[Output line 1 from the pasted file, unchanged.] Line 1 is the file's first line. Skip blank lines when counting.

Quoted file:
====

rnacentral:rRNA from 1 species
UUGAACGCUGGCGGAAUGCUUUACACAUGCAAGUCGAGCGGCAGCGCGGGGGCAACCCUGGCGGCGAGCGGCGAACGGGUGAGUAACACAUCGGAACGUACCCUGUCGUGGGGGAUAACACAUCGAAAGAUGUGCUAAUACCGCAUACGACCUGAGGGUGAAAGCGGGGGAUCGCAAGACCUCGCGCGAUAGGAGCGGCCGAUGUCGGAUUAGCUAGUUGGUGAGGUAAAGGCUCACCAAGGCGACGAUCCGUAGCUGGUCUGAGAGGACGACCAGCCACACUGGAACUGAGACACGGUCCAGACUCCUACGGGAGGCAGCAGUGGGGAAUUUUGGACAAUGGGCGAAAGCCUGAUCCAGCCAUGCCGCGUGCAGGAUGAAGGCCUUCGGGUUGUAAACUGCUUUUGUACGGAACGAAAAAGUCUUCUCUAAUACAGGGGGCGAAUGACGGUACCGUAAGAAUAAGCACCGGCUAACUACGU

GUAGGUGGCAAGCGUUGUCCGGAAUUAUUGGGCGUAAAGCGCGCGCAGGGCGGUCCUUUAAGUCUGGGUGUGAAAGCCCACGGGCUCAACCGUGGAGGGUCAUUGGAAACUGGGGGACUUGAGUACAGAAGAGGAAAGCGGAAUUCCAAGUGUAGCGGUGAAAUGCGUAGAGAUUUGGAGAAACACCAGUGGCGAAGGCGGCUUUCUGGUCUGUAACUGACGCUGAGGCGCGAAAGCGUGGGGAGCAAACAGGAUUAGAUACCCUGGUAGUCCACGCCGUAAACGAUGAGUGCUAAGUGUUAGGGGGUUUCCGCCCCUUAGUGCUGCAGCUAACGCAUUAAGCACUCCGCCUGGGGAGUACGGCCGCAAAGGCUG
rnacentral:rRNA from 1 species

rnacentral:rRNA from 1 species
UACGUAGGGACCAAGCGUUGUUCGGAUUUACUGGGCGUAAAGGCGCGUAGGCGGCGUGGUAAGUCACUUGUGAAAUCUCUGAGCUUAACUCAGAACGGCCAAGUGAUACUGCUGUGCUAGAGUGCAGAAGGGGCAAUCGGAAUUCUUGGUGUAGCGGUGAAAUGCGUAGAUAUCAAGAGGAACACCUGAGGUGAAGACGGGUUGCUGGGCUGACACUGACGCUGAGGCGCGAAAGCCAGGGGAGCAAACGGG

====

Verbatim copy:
rnacentral:rRNA from 1 species